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Class of 2025 Profile


The Class in Numbers

7,915 applicants, 567 enrolled
From 47 states and 29 countries (12% international)
32% Black, Indigenous, People of Color
13% are among the first generation of their families to attend college
71% graduated in the top 10% of their class
34 are National Merit Scholars and 2 are National Hispanic Recognition Scholars

Six Members of the Class of 2025

These 6 highlighted students provided a glimpse into the varied talents and interests the class of 2025 will bring to Carleton’s student body.

A profile photo of Gabriel Kaplan

GABRIEL KAPLAN
Minneapolis, MN: St. Louis Park High School

Gabriel has immersed himself in political organizing, advocating for legislation and candidates in which he believes. He has helped introduce environmental legislation to the Minnesota legislature, an effort which garnered media coverage from MSNBC, NPR, and the Star Tribune. Gabriel has also served as campaign manager for both city council and state representative candidates.

A photo of Libby Rowland sitting on steps, smiling

ELIZABETH (LIBBY) ROWLAND
Tulsa, OK: Holland Hall School

Libby is fascinated with maps and cartography. Using ArcGIS, she makes maps that tell stories and highlight important geographic patterns, including social and environmental issues. One such map, called Tulsa’s Dollar Store Problem, received state and national recognition. Libby shares her passion by leading workshops at her school that emphasize the role maps can play in middle school and high school curricula alike.

A photo of Tim Chiu holding a violin

TIM CHIU
Locust Valley, NY: Portledge School

Tim plays the violin in the Children’s Orchestra Society. This experience connects him to others not only through music, but in deeper community and conversation. Music has helped Tim realize the importance of listening, a skill he uses to build understanding among the people he meets and uncover their stories.

A photo of Amelia Asfaw serving a tennis ball

AMELIA ASFAW
Seattle, WA: Seattle Preparatory School

Amelia is a leader both within the classroom and on the tennis court. Beyond her state tennis titles and participation in the U.S. Tennis Association’s junior team, she is captain of her high school team and mentors younger student-athletes. Amelia also serves up sandwiches as a part-time job when she’s not playing tennis or participating in the Black Students Union or Asian Pacific Islanders Club.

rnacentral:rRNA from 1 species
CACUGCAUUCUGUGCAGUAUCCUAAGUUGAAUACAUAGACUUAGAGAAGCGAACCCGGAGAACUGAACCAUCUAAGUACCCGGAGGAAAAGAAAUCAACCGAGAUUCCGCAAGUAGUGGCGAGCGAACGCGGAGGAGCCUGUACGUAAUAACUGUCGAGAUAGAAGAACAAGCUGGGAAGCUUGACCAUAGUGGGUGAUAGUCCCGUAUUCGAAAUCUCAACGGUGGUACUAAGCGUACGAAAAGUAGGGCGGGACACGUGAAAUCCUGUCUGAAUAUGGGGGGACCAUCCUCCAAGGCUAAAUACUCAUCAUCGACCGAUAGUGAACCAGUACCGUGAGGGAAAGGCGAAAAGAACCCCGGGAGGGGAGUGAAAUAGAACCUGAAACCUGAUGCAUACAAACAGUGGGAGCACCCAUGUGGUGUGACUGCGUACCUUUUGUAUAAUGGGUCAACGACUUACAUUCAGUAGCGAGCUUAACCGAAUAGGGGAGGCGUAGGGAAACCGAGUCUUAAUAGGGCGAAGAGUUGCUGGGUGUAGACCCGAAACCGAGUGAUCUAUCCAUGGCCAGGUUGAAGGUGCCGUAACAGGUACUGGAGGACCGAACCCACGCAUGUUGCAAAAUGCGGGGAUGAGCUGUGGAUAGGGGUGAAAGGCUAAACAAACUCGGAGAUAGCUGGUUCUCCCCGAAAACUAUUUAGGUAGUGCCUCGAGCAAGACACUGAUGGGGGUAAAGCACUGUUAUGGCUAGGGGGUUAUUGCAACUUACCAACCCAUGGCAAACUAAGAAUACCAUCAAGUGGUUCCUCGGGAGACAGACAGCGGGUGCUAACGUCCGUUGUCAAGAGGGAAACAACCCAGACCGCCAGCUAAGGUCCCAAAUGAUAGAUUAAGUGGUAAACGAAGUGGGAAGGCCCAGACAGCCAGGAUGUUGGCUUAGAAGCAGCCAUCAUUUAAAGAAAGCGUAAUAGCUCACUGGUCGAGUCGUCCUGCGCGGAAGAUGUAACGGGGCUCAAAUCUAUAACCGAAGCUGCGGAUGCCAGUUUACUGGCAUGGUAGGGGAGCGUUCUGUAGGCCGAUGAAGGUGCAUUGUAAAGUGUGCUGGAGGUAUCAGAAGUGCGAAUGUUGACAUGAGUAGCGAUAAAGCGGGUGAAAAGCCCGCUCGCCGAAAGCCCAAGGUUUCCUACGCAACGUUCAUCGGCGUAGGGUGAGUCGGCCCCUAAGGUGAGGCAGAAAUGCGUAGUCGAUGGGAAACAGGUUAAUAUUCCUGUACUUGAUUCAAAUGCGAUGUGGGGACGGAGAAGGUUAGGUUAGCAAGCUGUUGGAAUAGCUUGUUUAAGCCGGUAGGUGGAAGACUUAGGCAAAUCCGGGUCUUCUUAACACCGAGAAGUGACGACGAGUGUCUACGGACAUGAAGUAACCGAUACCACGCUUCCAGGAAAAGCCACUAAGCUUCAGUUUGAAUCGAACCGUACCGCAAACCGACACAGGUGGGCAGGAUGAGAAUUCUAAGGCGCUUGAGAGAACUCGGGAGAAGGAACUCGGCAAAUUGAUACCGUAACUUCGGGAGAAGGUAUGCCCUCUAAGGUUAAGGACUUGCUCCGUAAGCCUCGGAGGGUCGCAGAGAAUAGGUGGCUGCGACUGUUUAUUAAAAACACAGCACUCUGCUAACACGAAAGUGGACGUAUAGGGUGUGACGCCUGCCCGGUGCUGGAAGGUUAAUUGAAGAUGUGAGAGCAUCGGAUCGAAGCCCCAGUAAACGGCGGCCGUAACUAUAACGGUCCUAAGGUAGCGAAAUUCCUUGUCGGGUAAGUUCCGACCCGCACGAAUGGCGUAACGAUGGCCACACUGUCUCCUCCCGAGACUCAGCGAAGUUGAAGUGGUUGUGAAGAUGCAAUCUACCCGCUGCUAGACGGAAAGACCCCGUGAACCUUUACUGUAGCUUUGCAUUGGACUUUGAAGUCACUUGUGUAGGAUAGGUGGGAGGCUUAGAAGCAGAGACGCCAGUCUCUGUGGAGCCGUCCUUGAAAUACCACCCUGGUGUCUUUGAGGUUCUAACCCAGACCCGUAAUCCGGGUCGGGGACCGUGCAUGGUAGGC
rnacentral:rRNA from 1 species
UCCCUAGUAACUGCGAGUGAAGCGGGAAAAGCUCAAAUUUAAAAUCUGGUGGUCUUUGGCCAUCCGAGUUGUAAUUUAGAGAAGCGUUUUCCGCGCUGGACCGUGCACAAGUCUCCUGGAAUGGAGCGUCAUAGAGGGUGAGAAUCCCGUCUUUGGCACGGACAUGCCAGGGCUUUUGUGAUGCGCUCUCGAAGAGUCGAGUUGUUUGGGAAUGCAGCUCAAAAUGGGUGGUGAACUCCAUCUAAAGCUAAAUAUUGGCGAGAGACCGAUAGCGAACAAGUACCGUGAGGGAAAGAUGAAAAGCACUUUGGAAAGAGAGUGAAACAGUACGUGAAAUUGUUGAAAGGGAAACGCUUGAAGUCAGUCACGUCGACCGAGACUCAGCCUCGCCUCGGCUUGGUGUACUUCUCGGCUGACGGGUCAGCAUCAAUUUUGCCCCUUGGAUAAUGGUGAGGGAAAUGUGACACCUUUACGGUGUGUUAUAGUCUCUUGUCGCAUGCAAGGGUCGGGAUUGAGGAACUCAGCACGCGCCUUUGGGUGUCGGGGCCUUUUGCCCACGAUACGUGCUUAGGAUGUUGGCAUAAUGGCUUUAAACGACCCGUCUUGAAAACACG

Ethan-1

ETHAN MASADDE
Kampala, Uganda: King’s College Budo

For Ethan, books, music, and film have shown him new worlds and spurred reflection on his own ideas and self-understanding. From these stories, he’s found inspiration to advocate for change and to stand up against discrimination. As treasurer for his school’s Young Readers’ club, he’s played an instrumental role in securing book donations to the library so that others have access to art and stories.

A photo of Cassidy Goldman using a sewing machine

CASSIDY GOLDMAN
Chicago, IL: William Jones College Preparatory High School

Cassidy has managed to intertwine her creativity and self-expression with the help of her sewing machine. Realizing her clothes could express the passions, values, and experiences that shape her, she’s constructed colorblocked sweatshirts, tank tops, bike shorts and more. These clothing creations have incorporated meaningful materials from her life. She’s even used recycled clothes to design and create new pieces that she’s sold online, and donated the proceeds to The Innocence Project & Bail Project.

This is Carleton

A private, residential liberal arts college located in Northfield, Minnesota

#1 Teaching Faculty

Our students learn from the best.